The Federal Reserve argued yesterday that identifying the financial institutions that benefited from its emergency loans would harm the companies and render the central bank’s planned appeal of a court ruling moot.
The Fed’s board of governors asked Manhattan Chief U.S. District Judge Loretta Preska to delay enforcement of her Aug. 24 decision that the identities of borrowers in 11 lending programs must be made public by Aug. 31. The central bank wants Preska to stay her order until the U.S. Court of Appeals in New York can hear the case.
“The immediate release of these documents will destroy the board’s claims of exemption and right of appellate review,” the motion said. “The institutions whose names and information would be disclosed will also suffer irreparable harm.”
The Fed’s “ability to effectively manage the current, and any future, financial crisis” would be impaired, according to the motion. It said “significant harms” could befall the U.S. economy as well.
The central bank didn’t say when it would file its appeal.
The Fed has refused to name the financial firms it lent to or disclose the amounts or the assets put up as collateral under the emergency programs, saying disclosure might set off a run by depositors and unsettle shareholders.
Bloomberg LP, the New York-based company majority-owned by Mayor Michael Bloomberg, sued on Nov. 7 under the Freedom of Information Act on behalf of its Bloomberg News unit.
“Our argument is that the public interest in disclosure outweighs the banks’ interest in secrecy,” said Thomas Golden, a lawyer with New York-based Willkie Farr & Gallagher LLP who represents Bloomberg.
Preska’s Aug. 24 ruling rejected the Fed’s argument that the records should remain private because they are trade secrets and would scare customers into pulling their deposits.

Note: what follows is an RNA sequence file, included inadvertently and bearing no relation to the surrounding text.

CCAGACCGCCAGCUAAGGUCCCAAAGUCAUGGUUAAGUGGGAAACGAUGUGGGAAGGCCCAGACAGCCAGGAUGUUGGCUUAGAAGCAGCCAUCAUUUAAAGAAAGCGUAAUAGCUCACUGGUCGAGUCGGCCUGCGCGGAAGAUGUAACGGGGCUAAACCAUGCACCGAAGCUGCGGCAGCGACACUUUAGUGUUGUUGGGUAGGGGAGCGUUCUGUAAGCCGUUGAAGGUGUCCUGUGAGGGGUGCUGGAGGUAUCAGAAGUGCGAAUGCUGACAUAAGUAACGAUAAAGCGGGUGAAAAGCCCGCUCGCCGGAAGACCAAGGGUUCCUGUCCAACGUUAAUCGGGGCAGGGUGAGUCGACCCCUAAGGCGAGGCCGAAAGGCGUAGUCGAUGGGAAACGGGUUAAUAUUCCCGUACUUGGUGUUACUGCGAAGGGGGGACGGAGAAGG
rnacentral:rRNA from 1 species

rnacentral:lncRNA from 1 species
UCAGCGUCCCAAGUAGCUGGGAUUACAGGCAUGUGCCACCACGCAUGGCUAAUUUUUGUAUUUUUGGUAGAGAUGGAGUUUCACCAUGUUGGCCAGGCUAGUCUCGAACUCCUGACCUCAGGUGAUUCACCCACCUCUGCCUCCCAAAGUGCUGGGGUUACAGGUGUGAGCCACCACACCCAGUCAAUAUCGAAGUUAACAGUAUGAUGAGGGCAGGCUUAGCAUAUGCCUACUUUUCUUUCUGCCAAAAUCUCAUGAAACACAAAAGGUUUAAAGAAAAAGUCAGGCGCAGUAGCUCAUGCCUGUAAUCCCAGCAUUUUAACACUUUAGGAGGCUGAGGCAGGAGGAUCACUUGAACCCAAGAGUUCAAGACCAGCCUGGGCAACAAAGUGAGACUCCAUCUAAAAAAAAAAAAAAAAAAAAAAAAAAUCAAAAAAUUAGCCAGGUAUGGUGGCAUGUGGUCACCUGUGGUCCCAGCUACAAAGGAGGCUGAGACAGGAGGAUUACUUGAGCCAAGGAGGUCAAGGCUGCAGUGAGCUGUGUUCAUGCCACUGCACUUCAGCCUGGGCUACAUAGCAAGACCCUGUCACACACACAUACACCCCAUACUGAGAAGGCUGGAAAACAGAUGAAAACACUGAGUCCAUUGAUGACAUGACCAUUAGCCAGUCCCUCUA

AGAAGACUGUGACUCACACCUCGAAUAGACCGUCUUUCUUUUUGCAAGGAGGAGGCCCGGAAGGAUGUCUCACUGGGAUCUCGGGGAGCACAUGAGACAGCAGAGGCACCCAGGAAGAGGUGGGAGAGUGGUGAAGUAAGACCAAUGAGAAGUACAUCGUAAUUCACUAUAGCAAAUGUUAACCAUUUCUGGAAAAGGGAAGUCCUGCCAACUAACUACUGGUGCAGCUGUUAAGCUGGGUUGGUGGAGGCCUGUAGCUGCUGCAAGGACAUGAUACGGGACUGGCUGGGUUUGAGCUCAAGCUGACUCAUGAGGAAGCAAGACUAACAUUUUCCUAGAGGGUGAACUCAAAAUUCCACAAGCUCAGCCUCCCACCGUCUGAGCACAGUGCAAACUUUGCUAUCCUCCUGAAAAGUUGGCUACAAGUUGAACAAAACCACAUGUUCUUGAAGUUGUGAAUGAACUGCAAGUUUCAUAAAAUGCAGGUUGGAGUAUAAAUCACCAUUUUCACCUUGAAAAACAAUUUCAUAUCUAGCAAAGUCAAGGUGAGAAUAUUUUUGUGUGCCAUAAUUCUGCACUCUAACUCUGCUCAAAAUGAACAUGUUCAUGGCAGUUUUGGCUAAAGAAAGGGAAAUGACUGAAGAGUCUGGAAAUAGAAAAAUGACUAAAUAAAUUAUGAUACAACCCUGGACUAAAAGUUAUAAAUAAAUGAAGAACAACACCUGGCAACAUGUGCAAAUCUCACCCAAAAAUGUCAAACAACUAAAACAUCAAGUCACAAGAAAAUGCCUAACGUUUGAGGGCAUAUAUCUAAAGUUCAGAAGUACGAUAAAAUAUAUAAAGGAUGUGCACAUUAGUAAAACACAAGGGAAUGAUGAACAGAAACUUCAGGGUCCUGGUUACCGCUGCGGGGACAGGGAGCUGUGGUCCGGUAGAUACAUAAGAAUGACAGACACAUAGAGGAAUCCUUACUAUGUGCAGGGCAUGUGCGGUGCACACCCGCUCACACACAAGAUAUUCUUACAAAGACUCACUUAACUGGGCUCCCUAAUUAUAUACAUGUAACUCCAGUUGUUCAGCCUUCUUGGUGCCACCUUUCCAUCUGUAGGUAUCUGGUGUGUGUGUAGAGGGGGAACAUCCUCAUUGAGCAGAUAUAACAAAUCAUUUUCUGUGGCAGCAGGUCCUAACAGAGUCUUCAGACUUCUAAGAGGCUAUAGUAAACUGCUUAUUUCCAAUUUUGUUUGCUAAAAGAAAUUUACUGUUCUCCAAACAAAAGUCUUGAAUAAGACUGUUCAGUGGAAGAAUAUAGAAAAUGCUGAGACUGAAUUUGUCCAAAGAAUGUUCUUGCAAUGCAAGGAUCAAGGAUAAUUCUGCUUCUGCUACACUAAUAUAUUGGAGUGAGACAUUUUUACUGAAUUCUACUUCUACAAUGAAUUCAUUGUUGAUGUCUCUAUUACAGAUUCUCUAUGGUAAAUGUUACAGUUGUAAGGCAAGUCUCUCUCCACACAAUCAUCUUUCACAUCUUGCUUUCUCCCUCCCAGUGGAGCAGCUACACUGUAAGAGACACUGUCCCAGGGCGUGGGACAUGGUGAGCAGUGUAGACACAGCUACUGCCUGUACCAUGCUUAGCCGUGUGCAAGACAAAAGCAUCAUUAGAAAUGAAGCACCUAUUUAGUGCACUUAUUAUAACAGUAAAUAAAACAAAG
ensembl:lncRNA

“What has the Fed got to hide?” said Senator Bernie Sanders, a Vermont independent who sponsored a bill to require the Fed to submit to an audit by the Government Accountability Office. “The time has come for the Fed to stop stonewalling and hand this information over to the public,” he said in an e-mail.
The Clearing House Association LLC, an industry-owned group in New York that processes payments between banks, filed a declaration that accompanied the request for a stay.
“Experience in the banking industry has shown that when customers and market participants hear negative rumors about a bank, negative consequences inevitably flow,” Norman Nelson, vice president and general counsel for the group, said in the document. “Our members have accessed the discount window with the understanding that the Fed will not disclose information about their borrowing, especially their identity.”
Members of the Clearing House are ABN Amro Holding NV, Bank of America Corp., Bank of New York Mellon Corp., Citigroup Inc.Deutsche Bank AG, HSBC Holdings Plc, JPMorgan Chase Inc., UBS AG, U.S. Bancorp and Wells Fargo & Co.
The case is Bloomberg LP v. Board of Governors of the Federal Reserve System, 08-CV-9595, U.S. District Court, Southern District of New York (Manhattan).